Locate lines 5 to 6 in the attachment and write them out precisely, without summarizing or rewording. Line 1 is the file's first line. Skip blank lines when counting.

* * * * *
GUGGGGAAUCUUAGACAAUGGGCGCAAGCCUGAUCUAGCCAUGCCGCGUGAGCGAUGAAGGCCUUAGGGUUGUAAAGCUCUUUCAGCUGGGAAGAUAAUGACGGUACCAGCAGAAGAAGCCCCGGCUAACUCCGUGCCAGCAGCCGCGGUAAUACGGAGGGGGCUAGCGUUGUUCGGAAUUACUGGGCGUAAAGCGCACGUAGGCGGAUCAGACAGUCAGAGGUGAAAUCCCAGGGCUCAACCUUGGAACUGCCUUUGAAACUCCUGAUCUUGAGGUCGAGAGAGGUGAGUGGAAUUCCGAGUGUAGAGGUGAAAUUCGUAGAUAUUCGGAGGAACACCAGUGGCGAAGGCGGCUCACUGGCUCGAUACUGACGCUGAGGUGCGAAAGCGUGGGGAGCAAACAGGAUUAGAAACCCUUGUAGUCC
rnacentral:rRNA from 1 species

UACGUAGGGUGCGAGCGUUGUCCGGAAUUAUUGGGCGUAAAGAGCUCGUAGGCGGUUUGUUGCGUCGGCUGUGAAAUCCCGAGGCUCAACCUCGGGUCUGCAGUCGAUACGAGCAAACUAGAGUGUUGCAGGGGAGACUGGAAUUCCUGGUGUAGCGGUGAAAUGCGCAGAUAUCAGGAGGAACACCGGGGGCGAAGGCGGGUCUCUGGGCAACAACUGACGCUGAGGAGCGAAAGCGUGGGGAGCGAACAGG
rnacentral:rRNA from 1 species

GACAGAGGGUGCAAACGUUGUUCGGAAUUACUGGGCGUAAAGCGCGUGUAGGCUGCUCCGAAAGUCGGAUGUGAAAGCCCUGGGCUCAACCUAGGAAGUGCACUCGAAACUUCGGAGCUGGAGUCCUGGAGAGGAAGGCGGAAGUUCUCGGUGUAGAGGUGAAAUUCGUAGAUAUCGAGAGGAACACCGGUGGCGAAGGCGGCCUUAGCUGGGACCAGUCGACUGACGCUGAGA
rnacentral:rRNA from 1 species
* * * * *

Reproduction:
GACAGAGGGUGCAAACGUUGUUCGGAAUUACUGGGCGUAAAGCGCGUGUAGGCUGCUCCGAAAGUCGGAUGUGAAAGCCCUGGGCUCAACCUAGGAAGUGCACUCGAAACUUCGGAGCUGGAGUCCUGGAGAGGAAGGCGGAAGUUCUCGGUGUAGAGGUGAAAUUCGUAGAUAUCGAGAGGAACACCGGUGGCGAAGGCGGCCUUAGCUGGGACCAGUCGACUGACGCUGAGA
rnacentral:rRNA from 1 species